French by way of Vietnam and Vietnamese by way of France. Photo via the Stateside Facebook page.

Let's continue this crazy week of openings, shall we?

One year ago, 300 E Pike was a parking garage. This week the transition to Stateside, a French-Vietnamese restaurant that feels like a portal to some place subtropical, is complete—though if you look closely at the scuffed cement floors you can see where the parking lines used to be. 

Chef Eric Johnson's resume is...pretty damn impressive. He worked for Daniel Boulud in New York before opening restaurants for Jean-Georges Vongerichten in Paris and Shanghai. Having lived in two countries that exerted no small influence over the food of Vietnam, he's readying a mix of faithfully executed Vietnamese staples and dishes that take some French and Chinese liberties.

Stateside starts taking reservations Monday, December 1, though diners can walk in for dinner this weekend (standard cautions about setting expectations during a soft opening apply). Meanwhile, here's a bit about what's happening in the kitchen and behind the bar, plus a critical update on the grout in the bathroom...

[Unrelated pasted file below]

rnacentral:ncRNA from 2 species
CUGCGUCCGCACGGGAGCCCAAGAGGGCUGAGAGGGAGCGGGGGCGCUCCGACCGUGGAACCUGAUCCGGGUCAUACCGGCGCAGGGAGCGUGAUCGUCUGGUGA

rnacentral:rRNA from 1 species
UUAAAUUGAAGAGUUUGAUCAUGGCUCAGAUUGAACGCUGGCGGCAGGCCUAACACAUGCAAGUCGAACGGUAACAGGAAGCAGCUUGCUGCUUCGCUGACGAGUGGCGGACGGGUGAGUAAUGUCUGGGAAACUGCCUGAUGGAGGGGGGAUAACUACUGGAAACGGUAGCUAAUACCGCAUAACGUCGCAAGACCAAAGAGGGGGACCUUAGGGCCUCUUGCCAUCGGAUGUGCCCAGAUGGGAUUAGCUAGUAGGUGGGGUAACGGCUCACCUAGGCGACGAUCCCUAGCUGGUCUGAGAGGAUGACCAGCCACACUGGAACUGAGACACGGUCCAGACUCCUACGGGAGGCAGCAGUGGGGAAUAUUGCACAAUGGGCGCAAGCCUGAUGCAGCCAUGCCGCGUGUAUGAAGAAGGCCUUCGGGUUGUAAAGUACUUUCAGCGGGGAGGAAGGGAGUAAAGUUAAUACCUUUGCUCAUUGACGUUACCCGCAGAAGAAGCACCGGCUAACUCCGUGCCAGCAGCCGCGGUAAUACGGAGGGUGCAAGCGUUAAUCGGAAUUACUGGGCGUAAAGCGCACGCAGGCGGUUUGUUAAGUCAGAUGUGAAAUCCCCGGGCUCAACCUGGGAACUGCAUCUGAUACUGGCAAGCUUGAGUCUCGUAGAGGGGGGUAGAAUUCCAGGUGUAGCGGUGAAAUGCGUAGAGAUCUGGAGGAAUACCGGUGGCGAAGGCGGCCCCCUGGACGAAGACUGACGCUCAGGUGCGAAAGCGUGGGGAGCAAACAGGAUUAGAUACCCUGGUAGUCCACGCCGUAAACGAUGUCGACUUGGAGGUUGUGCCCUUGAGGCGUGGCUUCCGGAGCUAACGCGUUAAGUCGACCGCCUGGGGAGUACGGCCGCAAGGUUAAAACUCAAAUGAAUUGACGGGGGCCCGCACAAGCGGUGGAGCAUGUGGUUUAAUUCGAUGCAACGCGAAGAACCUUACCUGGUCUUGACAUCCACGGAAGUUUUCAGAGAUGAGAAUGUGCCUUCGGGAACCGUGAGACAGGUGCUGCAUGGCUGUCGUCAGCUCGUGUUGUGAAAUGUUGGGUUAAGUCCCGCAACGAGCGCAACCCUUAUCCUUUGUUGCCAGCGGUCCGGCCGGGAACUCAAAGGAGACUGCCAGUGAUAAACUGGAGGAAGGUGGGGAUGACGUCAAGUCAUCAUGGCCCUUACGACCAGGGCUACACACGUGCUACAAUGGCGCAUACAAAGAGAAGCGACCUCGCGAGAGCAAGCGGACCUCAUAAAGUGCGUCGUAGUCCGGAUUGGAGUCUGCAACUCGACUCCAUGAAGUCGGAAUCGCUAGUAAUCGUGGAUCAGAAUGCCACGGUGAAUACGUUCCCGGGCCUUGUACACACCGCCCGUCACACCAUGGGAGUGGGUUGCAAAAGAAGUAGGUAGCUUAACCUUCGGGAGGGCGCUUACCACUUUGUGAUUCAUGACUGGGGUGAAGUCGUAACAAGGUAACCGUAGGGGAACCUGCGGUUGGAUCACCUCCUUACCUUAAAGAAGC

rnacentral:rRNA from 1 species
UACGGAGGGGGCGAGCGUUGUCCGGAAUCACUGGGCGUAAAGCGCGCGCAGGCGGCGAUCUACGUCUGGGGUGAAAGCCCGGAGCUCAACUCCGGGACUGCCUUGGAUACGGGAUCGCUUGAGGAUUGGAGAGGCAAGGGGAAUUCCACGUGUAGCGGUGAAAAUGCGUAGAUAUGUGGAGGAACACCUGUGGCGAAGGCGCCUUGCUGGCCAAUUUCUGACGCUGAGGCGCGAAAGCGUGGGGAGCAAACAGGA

Eat: Grilled pork over rice noodles...or duck legs a l'orange. A few of Stateside's dishes are faithfully executed Hanoi staples like bun cha (here it's pork patties and belly marinated in caramel and fish sauce, served over rice vermicelli) and cha ca la vong (black cod in a distinct turmeric marinade and served with dill, mint, and cilantro). Others pull in French traditions, like a duck leg confit with bok choy and Vietnamese coriander. 

Drink: Like it's 80 degrees. Behind the zinc-topped bar, George Engelstad (most recently at the Hideout) is readying a lineup of cocktails suitable for balmy verandas: daiquiris, sours, mules, and a milk punch made with rum, coffee, and condensed milk, like a boozy Vietnamese coffee. Lest things get too serious, Johnson also promises a drink served in a coconut with a straw and tiny umbrella.  His business partner Seth Hammond is overseeing the front of house and the wine situation.

Sit: In the back booths for privacy, or the bar-height banquettes for a superior vantage point. The room is rather elegant, especially for a former parking garage—all palm frond wallpaper, tropical plants, and muted green tones, with an Edison bulb-bedecked bar. And if you happen to visit the lavatory, marvel at the rockin' turquoise grout.

Bonus Intel: Late night and lunch menus should follow in late January. Johnson promises these will contain more noodle soups and banh mi.



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